A Tale of Dedication
My wife had a grandfather called Ben Goldfein. His name started as Benjamin until a grade one teacher told him his name was too long for such a small boy and changed it to Ben. He was a man of great principle and left a legacy of stories containing principles by which to live, all of which continue to live on in the family many years after his death. Ben started work at about the age of eight, shining shoes. At about the age of fourteen he went to work for Bell Telephone Company as an “office boy”. He found the accounting office interesting, and so after completing night school, and putting himself through part-time university he became an accountant. After 49 years, 5 months and 28 days he retired as the Senior Internal Auditor of Bell Telephone Company in the Midwest of America.
Ben had a dream of building what did not exist in Minneapolis in those days, namely a private school that taught timeless Biblical Morals and Values. When he asked people to donate money for the project, the standard question they would ask him was can we afford to do this project? His answer, which resonates even more loudly in the times in which we currently find ourselves was, “can we afford not to do the project”.
This answer is replete with values. I will focus on just one of them. That is the value of commitment. It took Ben twenty years to get this project completed and the school is still a thriving institution today. Commitment is demonstrated not so much in terms of what you are prepared to give as in what you are willing to sacrifice or invest.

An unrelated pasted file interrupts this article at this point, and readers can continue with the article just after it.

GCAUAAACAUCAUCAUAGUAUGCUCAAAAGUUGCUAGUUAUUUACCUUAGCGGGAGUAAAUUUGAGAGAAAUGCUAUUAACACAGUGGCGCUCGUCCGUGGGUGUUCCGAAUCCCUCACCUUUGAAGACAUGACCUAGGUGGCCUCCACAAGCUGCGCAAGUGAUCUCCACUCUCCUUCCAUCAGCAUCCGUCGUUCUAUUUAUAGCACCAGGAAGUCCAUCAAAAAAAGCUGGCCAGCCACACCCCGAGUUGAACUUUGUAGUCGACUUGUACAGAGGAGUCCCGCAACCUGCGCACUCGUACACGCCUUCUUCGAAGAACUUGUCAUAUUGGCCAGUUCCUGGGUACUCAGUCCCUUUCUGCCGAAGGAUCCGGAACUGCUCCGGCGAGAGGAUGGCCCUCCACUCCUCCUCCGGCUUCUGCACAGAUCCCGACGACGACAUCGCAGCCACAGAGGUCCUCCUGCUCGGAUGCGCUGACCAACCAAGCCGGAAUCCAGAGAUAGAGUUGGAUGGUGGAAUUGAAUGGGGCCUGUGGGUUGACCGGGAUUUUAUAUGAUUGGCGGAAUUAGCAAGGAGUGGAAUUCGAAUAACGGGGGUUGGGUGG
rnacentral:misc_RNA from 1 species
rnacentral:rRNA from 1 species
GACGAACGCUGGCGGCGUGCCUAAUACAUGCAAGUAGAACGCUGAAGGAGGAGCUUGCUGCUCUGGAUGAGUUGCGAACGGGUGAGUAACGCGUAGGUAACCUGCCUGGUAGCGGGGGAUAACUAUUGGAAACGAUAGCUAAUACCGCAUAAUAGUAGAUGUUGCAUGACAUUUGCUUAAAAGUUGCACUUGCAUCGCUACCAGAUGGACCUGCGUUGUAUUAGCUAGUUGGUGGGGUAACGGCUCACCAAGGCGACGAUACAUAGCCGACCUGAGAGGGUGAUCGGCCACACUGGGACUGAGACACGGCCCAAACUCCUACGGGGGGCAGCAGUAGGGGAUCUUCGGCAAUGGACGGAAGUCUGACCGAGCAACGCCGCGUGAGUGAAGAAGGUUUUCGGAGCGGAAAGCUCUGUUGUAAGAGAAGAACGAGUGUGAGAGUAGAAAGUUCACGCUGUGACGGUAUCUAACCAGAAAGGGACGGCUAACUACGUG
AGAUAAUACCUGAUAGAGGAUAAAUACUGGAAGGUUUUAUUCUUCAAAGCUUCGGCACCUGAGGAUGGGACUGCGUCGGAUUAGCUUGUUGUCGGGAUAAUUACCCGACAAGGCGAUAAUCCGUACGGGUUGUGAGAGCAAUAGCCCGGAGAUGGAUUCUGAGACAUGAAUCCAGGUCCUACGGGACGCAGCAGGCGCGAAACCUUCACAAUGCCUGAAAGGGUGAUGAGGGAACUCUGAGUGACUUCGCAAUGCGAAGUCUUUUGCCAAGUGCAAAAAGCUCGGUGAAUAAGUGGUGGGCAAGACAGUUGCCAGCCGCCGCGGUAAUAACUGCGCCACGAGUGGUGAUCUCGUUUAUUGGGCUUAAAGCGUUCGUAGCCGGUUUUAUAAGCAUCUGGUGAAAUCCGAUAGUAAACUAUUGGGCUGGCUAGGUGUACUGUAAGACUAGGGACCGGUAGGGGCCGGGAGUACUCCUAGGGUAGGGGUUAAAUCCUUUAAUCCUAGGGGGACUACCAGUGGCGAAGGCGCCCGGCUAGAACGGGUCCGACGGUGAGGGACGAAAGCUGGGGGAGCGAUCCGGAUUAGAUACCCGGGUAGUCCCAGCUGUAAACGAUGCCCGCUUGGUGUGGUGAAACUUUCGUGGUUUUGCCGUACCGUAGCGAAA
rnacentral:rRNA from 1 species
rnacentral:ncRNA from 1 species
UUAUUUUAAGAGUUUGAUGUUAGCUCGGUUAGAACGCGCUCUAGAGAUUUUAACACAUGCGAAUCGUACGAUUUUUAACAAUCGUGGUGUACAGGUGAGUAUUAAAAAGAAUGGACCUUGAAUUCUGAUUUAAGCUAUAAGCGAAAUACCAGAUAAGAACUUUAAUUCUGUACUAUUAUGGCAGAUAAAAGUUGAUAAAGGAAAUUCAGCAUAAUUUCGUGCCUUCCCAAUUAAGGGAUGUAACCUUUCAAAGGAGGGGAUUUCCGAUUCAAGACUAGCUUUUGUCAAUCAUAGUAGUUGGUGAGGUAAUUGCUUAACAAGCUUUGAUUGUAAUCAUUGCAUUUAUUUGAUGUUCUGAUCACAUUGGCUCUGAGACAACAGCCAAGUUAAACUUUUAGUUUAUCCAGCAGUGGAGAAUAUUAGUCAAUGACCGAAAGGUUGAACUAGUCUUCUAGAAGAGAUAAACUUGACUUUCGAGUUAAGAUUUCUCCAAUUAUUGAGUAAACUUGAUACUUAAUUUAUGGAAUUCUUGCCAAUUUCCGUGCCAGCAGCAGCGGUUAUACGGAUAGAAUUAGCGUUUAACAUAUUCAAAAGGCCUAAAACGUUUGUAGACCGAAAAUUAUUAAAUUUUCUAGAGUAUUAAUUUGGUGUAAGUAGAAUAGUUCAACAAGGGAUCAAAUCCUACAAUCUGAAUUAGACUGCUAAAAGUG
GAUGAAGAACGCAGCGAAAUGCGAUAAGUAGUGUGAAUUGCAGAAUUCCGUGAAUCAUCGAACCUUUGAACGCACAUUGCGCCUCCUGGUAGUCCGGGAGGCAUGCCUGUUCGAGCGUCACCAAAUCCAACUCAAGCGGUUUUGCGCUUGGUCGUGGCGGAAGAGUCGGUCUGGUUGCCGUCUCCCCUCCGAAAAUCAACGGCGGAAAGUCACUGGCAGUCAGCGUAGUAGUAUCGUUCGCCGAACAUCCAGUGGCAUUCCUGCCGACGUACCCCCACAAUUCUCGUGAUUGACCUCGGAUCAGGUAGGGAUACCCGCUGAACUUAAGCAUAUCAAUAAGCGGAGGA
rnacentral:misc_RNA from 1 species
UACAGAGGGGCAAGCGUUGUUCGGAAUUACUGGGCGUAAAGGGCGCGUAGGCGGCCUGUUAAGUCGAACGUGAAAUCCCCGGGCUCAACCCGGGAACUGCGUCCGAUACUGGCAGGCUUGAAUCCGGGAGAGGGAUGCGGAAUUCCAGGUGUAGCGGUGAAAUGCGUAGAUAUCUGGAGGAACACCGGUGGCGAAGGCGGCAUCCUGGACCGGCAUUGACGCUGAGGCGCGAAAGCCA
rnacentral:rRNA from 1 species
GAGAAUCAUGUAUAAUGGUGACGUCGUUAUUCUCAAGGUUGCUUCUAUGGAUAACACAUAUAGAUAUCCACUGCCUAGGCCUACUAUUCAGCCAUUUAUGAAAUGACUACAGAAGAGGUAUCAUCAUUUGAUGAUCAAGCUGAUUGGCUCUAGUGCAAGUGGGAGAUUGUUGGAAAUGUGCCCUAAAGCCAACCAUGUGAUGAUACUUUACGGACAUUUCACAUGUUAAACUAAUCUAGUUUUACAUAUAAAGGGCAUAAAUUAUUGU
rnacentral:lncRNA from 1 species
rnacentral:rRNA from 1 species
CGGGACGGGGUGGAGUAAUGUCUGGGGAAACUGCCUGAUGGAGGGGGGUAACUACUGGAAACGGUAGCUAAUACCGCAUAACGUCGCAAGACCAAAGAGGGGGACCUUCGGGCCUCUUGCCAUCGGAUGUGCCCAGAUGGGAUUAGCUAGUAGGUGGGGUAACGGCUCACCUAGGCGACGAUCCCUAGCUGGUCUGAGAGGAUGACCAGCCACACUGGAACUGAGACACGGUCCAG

Commitment means being prepared to continue in the face of cynicism and opposition, being prepared to win a few and sometimes lose many. So many today are only prepared to stay on the team if they are in the A team, continue in debating if they win, stay at the school if they are head prefect and not deputy or just an ordinary prefect.
In the working world this translates into expecting promotions, bonuses and rewards in the promise of better performance or more delivery in the future.
People who show real commitment and true investment in what they hold be of value focus on the process not the outcome. The process happens in the day to day contribution and working at doing what has to be done. Committed people do not worry about the outcomes or immediate results because they understand that outcomes aggregate out of the tenacity, diligence, small victories and accumulated wisdom that are the outgrowth of consistent meaningful day to day contribution.